Ascent during childhood of a previously normally descended testis has been suggested for nearly two decades (101). The ascending testis becomes tethered above the scrotum in an unacceptable position. This may occur consequent to shortening of the processus vaginalis because of inadequate elongation of the spermatic cord (102) or as a complication of inguinal hernia surgery (103). The increased prevalence of cryptorchidism during late childhood than during late infancy and early childhood (4) could also be explained by missed diagnoses in younger boys or by a retractile testes being diagnosed as undescended in older boys. It is widely accepted that testes may ascend from the full scrotal position during mid-childhood years. There are documented cases of boys with undescended testes whose earlier medical records clearly noted descended or retractile testes (104-106). Ascending testis may occur more frequently in boys born with undescended testes who undergo spontaneous descent in early infancy by 3 mo of age (107). The age distribution of orchiopexy is bimodal, with an initial and larger peak within the first 5 yr of life and a second peak in surgical procedures between 8 and 11 yr of age. This distribution could be a consequence of acquired cryptorchidism or ascending testes (108). Ascending testes are believed to be healthy and to have the potential for normal function, although they must be evaluated just like any undescended testis. It has been suggested that retractile testes may retract higher, perhaps becoming ascending testes, with abnormal development (109). In general, ascending testes are viewed as a continuum between retractile testes and more severe forms of testicular maldescent.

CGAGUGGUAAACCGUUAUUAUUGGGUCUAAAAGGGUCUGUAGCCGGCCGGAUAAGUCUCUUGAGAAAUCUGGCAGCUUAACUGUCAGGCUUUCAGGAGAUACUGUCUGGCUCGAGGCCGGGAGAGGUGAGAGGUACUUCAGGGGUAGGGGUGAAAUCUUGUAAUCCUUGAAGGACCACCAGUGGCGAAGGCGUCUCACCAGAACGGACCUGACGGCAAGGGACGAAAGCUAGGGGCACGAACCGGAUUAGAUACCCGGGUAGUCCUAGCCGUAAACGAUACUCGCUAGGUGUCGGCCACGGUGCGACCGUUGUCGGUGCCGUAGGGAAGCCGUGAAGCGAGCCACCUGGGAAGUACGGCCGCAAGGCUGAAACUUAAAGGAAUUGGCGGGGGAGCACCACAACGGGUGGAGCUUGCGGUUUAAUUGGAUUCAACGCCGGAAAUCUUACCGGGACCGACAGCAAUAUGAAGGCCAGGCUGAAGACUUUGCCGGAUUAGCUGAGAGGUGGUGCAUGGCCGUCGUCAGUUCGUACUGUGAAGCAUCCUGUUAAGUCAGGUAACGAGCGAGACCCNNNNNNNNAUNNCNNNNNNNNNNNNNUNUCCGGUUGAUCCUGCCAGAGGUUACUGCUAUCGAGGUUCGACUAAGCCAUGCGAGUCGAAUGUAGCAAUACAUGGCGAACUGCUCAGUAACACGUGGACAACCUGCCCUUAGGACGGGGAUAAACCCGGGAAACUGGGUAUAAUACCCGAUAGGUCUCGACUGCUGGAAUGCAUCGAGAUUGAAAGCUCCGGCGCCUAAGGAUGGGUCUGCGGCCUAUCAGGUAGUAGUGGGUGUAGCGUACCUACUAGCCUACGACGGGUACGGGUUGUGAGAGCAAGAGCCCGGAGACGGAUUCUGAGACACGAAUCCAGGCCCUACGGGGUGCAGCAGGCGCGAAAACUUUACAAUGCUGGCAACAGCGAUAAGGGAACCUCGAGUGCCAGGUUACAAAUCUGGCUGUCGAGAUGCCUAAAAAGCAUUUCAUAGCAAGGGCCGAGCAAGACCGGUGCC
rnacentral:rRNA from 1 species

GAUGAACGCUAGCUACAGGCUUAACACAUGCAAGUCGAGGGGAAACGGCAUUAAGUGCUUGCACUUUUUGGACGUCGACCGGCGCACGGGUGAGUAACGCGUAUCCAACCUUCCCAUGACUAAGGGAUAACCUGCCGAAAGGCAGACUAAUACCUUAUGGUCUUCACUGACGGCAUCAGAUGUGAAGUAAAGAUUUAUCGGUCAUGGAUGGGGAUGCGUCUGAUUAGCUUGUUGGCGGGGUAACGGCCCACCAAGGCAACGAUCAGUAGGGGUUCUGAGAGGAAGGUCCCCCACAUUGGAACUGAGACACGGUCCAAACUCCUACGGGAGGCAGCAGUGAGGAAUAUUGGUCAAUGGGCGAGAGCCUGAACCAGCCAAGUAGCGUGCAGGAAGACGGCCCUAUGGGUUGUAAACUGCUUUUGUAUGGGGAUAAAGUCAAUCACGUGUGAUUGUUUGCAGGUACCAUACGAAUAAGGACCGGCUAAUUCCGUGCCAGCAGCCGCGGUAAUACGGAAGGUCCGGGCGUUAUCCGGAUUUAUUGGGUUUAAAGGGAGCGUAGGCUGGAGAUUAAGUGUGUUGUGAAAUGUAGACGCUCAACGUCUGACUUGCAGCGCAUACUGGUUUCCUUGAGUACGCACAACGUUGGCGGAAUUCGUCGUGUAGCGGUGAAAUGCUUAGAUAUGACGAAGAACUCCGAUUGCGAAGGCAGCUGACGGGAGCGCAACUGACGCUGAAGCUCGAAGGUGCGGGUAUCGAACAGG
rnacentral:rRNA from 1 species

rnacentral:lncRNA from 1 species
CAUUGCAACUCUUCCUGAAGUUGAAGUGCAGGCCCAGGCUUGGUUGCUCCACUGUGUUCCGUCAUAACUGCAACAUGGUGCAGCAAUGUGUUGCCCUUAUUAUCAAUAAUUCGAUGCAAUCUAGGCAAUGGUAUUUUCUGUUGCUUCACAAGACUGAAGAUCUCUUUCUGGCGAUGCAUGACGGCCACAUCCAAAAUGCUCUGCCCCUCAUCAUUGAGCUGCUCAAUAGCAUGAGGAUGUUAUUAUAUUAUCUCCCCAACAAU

Was this article helpful?